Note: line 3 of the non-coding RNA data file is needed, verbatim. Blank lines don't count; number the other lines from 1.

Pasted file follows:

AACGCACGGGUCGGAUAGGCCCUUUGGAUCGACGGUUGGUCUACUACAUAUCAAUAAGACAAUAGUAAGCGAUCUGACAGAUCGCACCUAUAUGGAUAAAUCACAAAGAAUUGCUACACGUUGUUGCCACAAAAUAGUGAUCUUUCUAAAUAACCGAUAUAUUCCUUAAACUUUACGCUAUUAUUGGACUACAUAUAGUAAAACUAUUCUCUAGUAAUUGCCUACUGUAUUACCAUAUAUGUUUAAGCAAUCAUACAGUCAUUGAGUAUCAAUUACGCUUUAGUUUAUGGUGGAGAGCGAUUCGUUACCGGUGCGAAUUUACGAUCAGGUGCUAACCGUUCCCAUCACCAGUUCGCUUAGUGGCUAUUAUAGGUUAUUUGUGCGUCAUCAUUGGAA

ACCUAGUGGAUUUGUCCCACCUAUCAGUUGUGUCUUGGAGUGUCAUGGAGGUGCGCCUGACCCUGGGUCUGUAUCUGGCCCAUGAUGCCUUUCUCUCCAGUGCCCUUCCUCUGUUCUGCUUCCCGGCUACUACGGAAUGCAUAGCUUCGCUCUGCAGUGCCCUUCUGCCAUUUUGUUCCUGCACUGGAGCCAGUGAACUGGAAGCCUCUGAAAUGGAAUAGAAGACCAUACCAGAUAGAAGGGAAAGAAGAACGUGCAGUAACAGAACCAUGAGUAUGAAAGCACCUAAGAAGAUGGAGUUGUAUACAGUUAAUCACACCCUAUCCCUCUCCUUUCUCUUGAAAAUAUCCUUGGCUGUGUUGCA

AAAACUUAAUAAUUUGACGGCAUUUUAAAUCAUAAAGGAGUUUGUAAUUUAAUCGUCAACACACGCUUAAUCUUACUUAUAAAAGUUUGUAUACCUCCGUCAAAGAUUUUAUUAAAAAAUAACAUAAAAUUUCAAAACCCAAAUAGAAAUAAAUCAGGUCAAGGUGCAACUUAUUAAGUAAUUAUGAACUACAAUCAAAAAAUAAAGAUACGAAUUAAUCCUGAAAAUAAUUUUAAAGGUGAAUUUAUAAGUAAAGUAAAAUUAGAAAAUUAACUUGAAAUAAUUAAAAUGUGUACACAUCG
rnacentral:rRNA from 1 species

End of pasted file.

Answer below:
AAAACUUAAUAAUUUGACGGCAUUUUAAAUCAUAAAGGAGUUUGUAAUUUAAUCGUCAACACACGCUUAAUCUUACUUAUAAAAGUUUGUAUACCUCCGUCAAAGAUUUUAUUAAAAAAUAACAUAAAAUUUCAAAACCCAAAUAGAAAUAAAUCAGGUCAAGGUGCAACUUAUUAAGUAAUUAUGAACUACAAUCAAAAAAUAAAGAUACGAAUUAAUCCUGAAAAUAAUUUUAAAGGUGAAUUUAUAAGUAAAGUAAAAUUAGAAAAUUAACUUGAAAUAAUUAAAAUGUGUACACAUCG